3 Reasons Pinterest Is A Great Marketing Tool For Small Businesses

Here are three convincing reasons why you should take a closer at marketing your small business on Pinterest.

Photo: Rebecca Honnan, digital media executive at Quality Formations; Source: Courtesy Photo
Photo: Rebecca Honnan, digital media executive at Quality Formations; Source: Courtesy Photo

Have you heard about Pinterest? Surprisingly, many entrepreneurs don’t give it the time of day. After all, the visual bookmarking tool launched in March 2010 and is still relatively new to some.

Its goal is to help users discover and save creative ideas, but let’s face it –not every business owner has the resources or time to sit around creating pretty pins all day. But the truth is, there’s a lot more to Pinterest than a pretty face. In fact, there’s no better place to generate new sales leads (if their demographics align with your marketing sweet spot).

According to Pew Research Center, “Some 28% of online adults use Pinterest, up from the 21% who did so in August 2013. Women continue to dominate the site … 42% of online women are Pinterest users” and “Pinterest remains popular among younger users.”

Given the founders goals to build the world’s first and biggest discovery engine and the nature of users to flock to the most visually appealing boards and re-share content, Pinterest is basically designed to be a never-ending waterfall of brand promotion. The business implications for that sort of exposure are enormous.

Constructing a quality Pinterest profile takes time and effort – and with a measly 47 million monthly active users in the U.S. this year alone—a lot of content marketers would rather try and tap into more mainstream sites pay to play platforms like Facebook. But to be honest, Facebook’s 1.44 billion monthly active users are statistically less likely to drive your company’s marketing efforts and generate a strong ROI.

Here are three convincing reasons why you should take a closer at marketing your small business on Pinterest.


  1. Pinterest users love to shop.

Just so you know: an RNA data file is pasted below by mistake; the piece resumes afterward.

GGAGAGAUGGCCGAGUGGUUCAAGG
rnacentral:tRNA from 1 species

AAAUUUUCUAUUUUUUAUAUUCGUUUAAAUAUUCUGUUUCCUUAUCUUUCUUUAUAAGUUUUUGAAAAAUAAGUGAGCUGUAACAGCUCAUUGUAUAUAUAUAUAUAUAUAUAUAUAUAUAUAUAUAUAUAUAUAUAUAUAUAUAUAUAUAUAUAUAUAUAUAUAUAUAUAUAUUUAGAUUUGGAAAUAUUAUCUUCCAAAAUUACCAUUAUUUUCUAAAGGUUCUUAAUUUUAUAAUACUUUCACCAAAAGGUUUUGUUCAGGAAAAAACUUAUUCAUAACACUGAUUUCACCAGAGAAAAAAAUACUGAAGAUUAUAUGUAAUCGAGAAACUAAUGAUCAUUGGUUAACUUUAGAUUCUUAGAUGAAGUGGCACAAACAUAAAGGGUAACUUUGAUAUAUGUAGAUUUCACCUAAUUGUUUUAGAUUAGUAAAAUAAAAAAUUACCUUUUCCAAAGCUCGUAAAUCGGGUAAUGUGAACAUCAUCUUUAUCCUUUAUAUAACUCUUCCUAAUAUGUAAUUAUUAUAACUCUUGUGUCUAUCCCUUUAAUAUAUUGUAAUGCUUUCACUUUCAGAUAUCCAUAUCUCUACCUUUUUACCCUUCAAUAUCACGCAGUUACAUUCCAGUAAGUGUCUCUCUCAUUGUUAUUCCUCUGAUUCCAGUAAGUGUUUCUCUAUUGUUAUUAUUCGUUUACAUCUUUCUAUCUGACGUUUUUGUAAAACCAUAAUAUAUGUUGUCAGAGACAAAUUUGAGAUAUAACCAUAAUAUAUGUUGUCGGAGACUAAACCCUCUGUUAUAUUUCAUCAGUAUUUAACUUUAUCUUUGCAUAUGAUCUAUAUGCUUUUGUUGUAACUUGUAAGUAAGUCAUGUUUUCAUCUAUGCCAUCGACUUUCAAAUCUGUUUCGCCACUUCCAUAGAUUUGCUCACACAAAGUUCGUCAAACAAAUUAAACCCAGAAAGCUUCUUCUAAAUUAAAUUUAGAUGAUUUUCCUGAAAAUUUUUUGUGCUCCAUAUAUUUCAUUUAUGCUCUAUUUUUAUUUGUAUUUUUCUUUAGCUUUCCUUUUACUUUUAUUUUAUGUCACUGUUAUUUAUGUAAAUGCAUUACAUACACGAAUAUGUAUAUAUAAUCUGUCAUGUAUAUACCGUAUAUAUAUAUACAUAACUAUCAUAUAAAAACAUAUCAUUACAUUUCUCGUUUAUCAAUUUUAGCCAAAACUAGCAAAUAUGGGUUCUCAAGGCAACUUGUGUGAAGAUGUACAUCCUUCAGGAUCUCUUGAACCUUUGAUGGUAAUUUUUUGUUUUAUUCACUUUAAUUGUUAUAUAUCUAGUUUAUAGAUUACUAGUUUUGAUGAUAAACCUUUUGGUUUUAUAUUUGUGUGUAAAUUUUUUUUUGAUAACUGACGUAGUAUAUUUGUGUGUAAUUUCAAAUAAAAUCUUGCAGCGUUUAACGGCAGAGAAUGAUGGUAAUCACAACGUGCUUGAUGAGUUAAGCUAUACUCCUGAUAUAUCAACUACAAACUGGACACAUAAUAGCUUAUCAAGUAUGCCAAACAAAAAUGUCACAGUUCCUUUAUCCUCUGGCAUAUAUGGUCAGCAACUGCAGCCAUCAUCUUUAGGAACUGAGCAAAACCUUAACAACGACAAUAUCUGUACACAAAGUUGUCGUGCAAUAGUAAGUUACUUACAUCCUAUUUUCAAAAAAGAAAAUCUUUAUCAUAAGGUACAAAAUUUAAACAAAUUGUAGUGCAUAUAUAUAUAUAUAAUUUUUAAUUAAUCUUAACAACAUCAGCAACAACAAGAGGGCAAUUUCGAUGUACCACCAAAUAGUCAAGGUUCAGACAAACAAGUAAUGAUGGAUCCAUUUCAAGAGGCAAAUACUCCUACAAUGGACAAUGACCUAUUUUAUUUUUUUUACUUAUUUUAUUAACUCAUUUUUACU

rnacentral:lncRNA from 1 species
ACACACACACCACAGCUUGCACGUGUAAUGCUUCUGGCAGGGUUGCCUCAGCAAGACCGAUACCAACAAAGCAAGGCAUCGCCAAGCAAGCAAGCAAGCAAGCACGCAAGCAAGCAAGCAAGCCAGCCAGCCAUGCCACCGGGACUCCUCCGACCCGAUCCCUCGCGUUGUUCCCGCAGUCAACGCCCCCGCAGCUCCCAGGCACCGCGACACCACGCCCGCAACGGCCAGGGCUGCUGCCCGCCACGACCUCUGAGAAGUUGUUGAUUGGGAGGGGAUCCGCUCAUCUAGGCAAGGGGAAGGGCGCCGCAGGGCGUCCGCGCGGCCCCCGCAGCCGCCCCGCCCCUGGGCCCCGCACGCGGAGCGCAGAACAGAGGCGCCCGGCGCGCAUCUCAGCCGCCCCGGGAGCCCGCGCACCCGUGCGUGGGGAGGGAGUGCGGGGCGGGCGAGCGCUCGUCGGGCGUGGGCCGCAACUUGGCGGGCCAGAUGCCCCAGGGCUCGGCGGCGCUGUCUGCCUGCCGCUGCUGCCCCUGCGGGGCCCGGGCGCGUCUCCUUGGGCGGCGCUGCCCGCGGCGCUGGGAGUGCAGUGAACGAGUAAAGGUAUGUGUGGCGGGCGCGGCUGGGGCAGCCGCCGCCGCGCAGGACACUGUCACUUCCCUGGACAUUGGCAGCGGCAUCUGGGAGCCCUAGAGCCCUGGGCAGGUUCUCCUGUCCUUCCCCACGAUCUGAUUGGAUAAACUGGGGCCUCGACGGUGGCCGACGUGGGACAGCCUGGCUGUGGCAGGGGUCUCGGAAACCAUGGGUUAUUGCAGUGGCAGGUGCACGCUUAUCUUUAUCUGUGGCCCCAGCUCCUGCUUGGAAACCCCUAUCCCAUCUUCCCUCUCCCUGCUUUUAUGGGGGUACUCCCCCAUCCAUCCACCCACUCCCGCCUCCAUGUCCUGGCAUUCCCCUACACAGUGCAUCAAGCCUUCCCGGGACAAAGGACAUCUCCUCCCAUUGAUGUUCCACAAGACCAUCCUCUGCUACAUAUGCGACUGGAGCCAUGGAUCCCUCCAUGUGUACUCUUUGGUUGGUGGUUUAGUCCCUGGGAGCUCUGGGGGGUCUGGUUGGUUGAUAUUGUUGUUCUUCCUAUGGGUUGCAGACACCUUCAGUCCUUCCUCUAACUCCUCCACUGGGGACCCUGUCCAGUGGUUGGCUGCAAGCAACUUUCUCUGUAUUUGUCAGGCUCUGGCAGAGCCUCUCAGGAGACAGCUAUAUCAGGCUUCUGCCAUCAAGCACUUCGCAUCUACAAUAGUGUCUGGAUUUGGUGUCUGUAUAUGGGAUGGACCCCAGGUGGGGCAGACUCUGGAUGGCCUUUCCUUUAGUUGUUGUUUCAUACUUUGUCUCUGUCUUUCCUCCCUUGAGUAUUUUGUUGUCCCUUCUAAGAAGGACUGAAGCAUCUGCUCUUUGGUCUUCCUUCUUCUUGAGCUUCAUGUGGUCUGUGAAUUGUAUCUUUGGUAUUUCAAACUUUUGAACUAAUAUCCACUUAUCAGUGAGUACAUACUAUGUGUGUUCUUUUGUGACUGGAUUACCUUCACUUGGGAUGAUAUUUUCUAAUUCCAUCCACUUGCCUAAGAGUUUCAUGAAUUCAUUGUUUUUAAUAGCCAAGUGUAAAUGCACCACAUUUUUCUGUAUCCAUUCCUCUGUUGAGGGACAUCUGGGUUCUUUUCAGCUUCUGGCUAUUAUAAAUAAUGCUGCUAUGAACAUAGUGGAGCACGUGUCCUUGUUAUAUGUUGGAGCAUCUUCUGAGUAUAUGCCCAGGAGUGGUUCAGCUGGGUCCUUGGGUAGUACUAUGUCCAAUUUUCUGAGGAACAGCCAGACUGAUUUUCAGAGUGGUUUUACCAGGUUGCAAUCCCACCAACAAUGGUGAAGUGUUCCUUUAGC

At the end of the day, Pinterest is a shopping site. “Pinterest now generates over 400% more revenue per click over Twitter and 27% more than Facebook (Yahoo! Small Business).” This isn’t surprising.

    After all, Pinterest boards are essentially the modern equivalent of a store window display. But instead of your company wasting hours creating window displays to lure in customers, Pinterest empowers customers to create their own displays that tell you exactly what they want to buy. Not only are these boards extremely useful for market research, but they also ensure users are visiting your website.

  2. Pinterest users are early adopters.

    Gaining a decent social media following always feels like the hardest part of digital marketing – but it’s actually the easiest. The real work starts once you’ve got a group of followers. How will you turn social followers into customers? Well, Pinterest users are always keen to give new companies a try.

    According to researchers at Ahology, around two-thirds of Pinterest users like to think of themselves as “early adopters”. They are usually the first person in their group of friends to try out a new product, and take great pride in that fact. So, if your company is just starting out, chances are you’ll get a formidable initial response by marketing it through Pinterest. Likewise, if you’re testing the waters with a new product, Pinterest is probably the best place to start.

  3. Pinterest users are loyal brand enthusiasts.

    Unlike most social media platforms, Pinterest users don’t hop from site to site. They are heavily reliant on Pinterest as a trusted source, and don’t spend nearly as much time watching TV or reading magazines.

    According to a Pinterest Media Consumption study, “active Pinterest users already spend two or three fewer hours each week watching TV than non-users.” Meanwhile, “They read twice as many types of magazines on a regular basis … However, they also indicate that they’re starting to shift away from watching TV and reading print material while opting to use Pinterest instead.”

Pinterest isn’t necessarily the most low-maintenance social media platform on the web. If you want to establish a decent following, you must regularly create and share engaging and aesthetically-pleasing content that will attract would-be customers. However, if you’re willing to put in the time, your efforts will not go unrewarded.

If you’re ready to start pinning, set up a free Pinterest business account and “get discovered by millions of people looking for things to plan, buy and do.”


This article has been edited and condensed.

Rebecca Honnan is a digital media executive at Quality Formations, one of the UK’s leading company formation services. Connect with @Q_Formations on Twitter.


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